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April 2017Vol. 18, No. 2Resource Guide to Trauma-Informed Human Services

Trauma can have a profound effect on how a person learns; interacts with others; and develops mentally, physically, or emotionally. Human services agencies that use a trauma-informed approach develop programs and services that take into account the effects of trauma on individuals, children, and families. A new resource guide produced by several Federal agencies provides human services leaders and other stakeholders at the local, State, Tribal, and territorial levels with information and resources on recent advances in trauma and what these advances mean for program design and service delivery. It also teaches professionals about trauma-informed care and helps those currently engaged in trauma-informed work to improve their practice.

The guide is divided into the following four sections:

  • Concept Papers—Focuses on six key concepts (trauma, toxic stress, resilience, historical trauma, executive functioning, and compassion fatigue) associated with trauma-informed care that are particularly important for human services providers interested in expanding their understanding of trauma and its implications for service delivery.
  • Guidance Questions and Answers—Answers questions about trauma and trauma-informed care and provides a foundational background that may help human services professionals develop their trauma-informed approach. One subsection, Q&A: Trauma, defines trauma and discusses how trauma may affect brain development. Another section, Q&A: Adverse Childhood Experiences (ACEs), defines ACEs and provides links to the ACEs Study, which is conducted by the Centers for Disease Control and Prevention in collaboration with Kaiser Permanente.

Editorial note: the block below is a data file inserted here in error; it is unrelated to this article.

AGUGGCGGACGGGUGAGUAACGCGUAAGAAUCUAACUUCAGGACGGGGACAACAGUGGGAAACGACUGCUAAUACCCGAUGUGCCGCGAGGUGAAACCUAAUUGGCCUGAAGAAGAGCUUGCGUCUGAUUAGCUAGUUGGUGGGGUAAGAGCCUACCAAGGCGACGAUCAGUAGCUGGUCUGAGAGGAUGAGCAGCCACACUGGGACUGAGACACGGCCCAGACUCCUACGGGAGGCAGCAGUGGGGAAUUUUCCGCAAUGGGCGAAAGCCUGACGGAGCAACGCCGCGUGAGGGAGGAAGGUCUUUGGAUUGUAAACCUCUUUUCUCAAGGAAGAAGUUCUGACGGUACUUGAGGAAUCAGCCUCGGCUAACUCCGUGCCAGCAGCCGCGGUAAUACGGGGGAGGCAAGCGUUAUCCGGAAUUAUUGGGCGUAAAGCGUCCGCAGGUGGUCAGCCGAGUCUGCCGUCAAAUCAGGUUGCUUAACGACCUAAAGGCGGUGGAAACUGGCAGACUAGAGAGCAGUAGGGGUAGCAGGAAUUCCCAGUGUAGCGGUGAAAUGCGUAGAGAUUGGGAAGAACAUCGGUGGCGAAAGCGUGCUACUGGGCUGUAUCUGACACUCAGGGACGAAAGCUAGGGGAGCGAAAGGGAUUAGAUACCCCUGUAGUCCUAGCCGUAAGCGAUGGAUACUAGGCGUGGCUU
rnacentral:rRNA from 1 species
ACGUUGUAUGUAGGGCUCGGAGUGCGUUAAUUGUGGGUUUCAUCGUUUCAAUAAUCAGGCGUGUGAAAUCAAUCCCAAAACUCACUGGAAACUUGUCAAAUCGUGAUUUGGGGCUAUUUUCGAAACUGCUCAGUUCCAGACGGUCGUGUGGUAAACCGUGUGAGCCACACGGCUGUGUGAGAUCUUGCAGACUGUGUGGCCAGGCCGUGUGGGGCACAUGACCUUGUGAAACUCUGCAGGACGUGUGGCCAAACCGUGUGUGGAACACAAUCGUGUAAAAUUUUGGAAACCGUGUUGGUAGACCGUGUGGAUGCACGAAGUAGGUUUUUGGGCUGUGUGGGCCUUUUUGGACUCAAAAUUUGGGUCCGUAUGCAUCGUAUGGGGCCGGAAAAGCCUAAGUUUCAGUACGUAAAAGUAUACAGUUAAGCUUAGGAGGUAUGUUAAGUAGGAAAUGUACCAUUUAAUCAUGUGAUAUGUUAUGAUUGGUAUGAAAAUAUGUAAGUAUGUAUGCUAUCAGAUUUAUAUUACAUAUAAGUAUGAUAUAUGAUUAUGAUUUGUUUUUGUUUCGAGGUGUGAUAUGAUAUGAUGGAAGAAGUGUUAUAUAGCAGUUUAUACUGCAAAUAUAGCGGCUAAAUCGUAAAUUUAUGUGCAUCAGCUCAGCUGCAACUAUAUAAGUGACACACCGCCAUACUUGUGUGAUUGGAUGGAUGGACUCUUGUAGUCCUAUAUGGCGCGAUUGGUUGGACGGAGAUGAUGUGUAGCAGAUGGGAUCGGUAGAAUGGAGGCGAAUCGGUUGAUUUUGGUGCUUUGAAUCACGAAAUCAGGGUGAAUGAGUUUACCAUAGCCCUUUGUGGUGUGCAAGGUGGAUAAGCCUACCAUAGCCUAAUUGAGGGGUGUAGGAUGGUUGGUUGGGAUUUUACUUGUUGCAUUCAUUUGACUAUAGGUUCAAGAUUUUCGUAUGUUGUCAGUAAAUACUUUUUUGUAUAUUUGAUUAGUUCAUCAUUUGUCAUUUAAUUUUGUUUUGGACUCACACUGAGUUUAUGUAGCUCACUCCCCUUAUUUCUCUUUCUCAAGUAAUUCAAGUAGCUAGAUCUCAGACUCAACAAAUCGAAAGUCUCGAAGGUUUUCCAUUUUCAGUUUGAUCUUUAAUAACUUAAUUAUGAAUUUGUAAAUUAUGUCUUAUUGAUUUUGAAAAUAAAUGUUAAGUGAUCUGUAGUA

• Trauma Resources for Specific Human Services Programs or Populations—Provides links to information about aging populations, American Indian/Alaska Native populations, early childhood programs, emergency/crisis services, and more.
  • Community Spotlights—Highlights lessons learned and promising practices from Kansas City, KS; Kansas City, MO; San Francisco, CA; and Walla Walla, WA.

The complete Resource Guide to Trauma-Informed Human Services was produced by the collaborative efforts of the Administration for Children and Families, the Substance Abuse and Mental Health Services Administration, the Administration for Community Living, and the Offices of the Assistant Secretary for Health and the Assistant Secretary for Planning and Evaluation. It is available at